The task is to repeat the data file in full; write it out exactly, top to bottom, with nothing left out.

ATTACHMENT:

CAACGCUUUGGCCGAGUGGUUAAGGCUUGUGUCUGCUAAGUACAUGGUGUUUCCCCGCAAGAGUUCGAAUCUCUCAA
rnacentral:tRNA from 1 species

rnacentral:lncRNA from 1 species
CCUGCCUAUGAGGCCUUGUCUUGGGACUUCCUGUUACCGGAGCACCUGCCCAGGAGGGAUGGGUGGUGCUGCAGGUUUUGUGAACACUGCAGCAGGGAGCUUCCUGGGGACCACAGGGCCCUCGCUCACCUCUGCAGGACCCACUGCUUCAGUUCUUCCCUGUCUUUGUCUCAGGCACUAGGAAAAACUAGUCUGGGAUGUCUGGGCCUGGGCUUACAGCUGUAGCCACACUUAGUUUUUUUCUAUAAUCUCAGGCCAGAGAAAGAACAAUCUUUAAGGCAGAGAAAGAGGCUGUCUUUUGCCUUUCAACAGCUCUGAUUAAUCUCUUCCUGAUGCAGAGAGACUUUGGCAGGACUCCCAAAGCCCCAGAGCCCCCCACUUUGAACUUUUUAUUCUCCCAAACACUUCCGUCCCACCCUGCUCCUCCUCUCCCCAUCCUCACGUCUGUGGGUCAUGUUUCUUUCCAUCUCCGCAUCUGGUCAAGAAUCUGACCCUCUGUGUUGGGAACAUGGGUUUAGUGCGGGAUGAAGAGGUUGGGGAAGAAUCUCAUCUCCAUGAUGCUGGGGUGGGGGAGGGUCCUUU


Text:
CAACGCUUUGGCCGAGUGGUUAAGGCUUGUGUCUGCUAAGUACAUGGUGUUUCCCCGCAAGAGUUCGAAUCUCUCAA
rnacentral:tRNA from 1 species

rnacentral:lncRNA from 1 species
CCUGCCUAUGAGGCCUUGUCUUGGGACUUCCUGUUACCGGAGCACCUGCCCAGGAGGGAUGGGUGGUGCUGCAGGUUUUGUGAACACUGCAGCAGGGAGCUUCCUGGGGACCACAGGGCCCUCGCUCACCUCUGCAGGACCCACUGCUUCAGUUCUUCCCUGUCUUUGUCUCAGGCACUAGGAAAAACUAGUCUGGGAUGUCUGGGCCUGGGCUUACAGCUGUAGCCACACUUAGUUUUUUUCUAUAAUCUCAGGCCAGAGAAAGAACAAUCUUUAAGGCAGAGAAAGAGGCUGUCUUUUGCCUUUCAACAGCUCUGAUUAAUCUCUUCCUGAUGCAGAGAGACUUUGGCAGGACUCCCAAAGCCCCAGAGCCCCCCACUUUGAACUUUUUAUUCUCCCAAACACUUCCGUCCCACCCUGCUCCUCCUCUCCCCAUCCUCACGUCUGUGGGUCAUGUUUCUUUCCAUCUCCGCAUCUGGUCAAGAAUCUGACCCUCUGUGUUGGGAACAUGGGUUUAGUGCGGGAUGAAGAGGUUGGGGAAGAAUCUCAUCUCCAUGAUGCUGGGGUGGGGGAGGGUCCUUU